Verbal fireworks punctuated the latest round of hearings by a Missouri Senate committee investigating Planned Parenthood's operations in the state, which included accusations and denials that Republicans on the committee are conducting a "witch hunt."
Chairman Kurt Schaefer, R-Columbia, began by stating that Tuesday's hearing was reserved for comments from the public, which turned out to be top-heavy with official representatives from several anti-abortion groups and one citizen speaking on behalf of the National Organization for Women.
But before the first witness took the stand, Sen. Jill Schupp, D-Creve Coeur, asked whether they would be sworn in, as were members of the Deptartment of Health and Senior Services at earlier hearings.
"Nope, this is public testimony," Schaefer answered.
Schupp then asked, "And these witnesses are held to a different standard than the other witnesses who were brought forward?"
Schaefer responded, "The purpose of this hearing is to provide public testimony, so members of the public can weigh in to their elected representatives. That is different than when we subpoena witnesses who have information that's relevant to the investigation that we're doing ... so no, I do not plan on swearing these witnesses in, and it is different."
Schupp again countered with, "But not all the other witnesses were subpoenaed; some were just asked to come here, and they did, and yet they were sworn in."
Schaefer fired back, "That's true, for those witnesses that have information that we want to make sure that they're being complete and truthful with us, we will put them under oath."
After Schupp and Schaefer's testy exchange ended, testimony began, with much of it highly critical of UM Healthcare's working relationship with Planned Parenthood's clinic in Columbia.
Mike Hoey with the Missouri Catholic Conference fired the first salvo.
"Now, I understand that they don't perform abortions at the University of Missouri, I understand that, but they gave hospital privileges to an abortion doctor," Hoey said. "But for the blessing of Mizzou, there would not be the taking of unborn life in Columbia and in central Missouri."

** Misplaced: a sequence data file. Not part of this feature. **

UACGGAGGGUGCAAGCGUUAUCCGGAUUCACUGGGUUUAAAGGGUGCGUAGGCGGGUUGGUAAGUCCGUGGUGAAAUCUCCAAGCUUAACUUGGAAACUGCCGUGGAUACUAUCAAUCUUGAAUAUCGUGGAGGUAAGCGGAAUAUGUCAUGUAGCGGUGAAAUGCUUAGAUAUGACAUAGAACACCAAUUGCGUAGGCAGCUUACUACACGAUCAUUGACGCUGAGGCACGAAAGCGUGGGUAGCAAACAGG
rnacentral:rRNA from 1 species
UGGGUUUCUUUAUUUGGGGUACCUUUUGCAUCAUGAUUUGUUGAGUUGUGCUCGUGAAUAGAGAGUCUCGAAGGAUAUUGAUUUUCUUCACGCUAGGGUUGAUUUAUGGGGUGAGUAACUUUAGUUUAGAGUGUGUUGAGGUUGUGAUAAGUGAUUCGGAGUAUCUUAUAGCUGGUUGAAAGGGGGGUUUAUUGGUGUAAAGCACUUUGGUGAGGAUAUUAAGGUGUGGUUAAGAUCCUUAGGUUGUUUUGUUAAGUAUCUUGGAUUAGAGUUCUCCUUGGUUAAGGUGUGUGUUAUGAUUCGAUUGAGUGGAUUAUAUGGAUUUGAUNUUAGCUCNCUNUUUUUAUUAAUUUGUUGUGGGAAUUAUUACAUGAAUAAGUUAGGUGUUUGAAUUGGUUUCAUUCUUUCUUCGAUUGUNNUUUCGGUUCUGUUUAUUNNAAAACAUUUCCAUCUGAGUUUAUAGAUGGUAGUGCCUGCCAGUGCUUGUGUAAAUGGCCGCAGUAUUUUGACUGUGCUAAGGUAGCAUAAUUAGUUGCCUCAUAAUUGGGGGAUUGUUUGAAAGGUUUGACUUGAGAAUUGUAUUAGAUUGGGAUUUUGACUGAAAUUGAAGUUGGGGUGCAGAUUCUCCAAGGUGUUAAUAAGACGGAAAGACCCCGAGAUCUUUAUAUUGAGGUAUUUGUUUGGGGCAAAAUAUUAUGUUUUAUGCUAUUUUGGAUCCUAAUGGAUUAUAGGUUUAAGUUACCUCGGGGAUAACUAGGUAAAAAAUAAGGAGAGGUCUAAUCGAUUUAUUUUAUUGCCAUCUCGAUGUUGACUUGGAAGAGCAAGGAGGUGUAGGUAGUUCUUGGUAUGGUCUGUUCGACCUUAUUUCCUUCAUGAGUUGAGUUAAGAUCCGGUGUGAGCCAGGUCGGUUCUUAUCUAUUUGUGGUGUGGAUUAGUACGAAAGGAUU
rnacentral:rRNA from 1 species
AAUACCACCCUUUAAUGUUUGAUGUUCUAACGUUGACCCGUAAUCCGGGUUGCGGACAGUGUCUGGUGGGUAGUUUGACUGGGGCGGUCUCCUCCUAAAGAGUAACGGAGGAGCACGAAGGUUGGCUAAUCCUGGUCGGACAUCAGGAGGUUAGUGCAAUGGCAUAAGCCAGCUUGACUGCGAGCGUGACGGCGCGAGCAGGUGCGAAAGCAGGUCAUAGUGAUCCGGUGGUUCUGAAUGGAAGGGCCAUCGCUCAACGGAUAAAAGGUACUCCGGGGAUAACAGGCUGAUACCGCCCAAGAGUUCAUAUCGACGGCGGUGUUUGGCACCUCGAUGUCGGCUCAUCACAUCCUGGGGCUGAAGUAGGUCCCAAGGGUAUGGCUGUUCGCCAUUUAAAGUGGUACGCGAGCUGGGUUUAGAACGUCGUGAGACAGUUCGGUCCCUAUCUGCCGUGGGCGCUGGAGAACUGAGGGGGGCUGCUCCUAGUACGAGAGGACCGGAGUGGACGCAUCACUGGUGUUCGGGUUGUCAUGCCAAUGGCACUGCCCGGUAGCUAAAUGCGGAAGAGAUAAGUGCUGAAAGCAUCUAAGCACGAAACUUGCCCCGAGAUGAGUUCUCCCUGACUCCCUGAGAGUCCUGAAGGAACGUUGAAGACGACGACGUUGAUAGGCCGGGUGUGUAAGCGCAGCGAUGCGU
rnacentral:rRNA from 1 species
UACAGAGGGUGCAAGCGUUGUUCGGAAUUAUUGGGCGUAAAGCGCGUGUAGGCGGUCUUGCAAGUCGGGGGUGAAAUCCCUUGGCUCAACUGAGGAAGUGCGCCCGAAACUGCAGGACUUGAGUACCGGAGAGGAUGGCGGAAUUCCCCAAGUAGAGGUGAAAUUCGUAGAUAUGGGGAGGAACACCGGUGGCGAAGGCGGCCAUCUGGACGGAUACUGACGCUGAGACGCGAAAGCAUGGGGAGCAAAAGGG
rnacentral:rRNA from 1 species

Kathy Forck is with the group 40 Days for Life. She accused the staff at Planned Parenthood's Columbia clinic of using fear and intimidation to discourage their patients from having any contact with anti-abortion protesters, or from visiting an abortion alternative clinic across the street.
"We know of one instance where a woman went back for her follow-up care after an abortion, and because she spoke to us, that care was refused," Forck said. "(An) off-duty policeman came out and told her 'your presence is not welcome here.' She said, 'What do you mean? I paid for this abortion...I took the RU-486 pill.' He said, 'I'm sorry, but if you do not leave, you'll be arrested for trespass.'"
Susan Gibson of Jefferson City spoke on behalf of the National Organization for Women, who began by telling committee members that she wished the Missouri Senate had the same level of outrage over the unrest in Ferguson and over "sexual predators" within the legislature.
"That huge mess of a problem is not isolated to two (lawmakers), so don't think you have successfully distracted anyone," Gibson said.
She continued, "You cannot convince me that your overwrought emotion is not motivated by your thirst for campaign donations (from the ultra-conservative crowd), because you insist on using inaccurate (and) inflammatory language, like babies, body parts, and selling, rather than scientifically and medically accurate language."
And it was Gibson who leveled the charge of "witch hunt" against the committee, "It has been clear from the beginning of this witch hunt that Planned Parenthood in Missouri does not participate in the fetal tissue donation program ... reproductive freedom is essential to our liberty, and your attack can only be interpreted as a tantrum hoping to bring back the mid-20th century."
Minutes after Gibson's testimony, Sen. David Sater, R-Cassville, denied that the committee was conducting a witch hunt, saying that they were "only looking for the truth."
There is no word yet on when the next hearing is scheduled, but Schaefer told reporters he wants Planned Parenthood officials to testify; voluntarily or, if necessary, by subpoena.
When asked if Planned Parenthood would be put under oath if they agreed to testify, he answered, "Yes, I suspect so."
Schaefer is also seeking the Republican nomination for Missouri attorney general.
Follow Marshall Griffin on Twitter: @MarshallGReport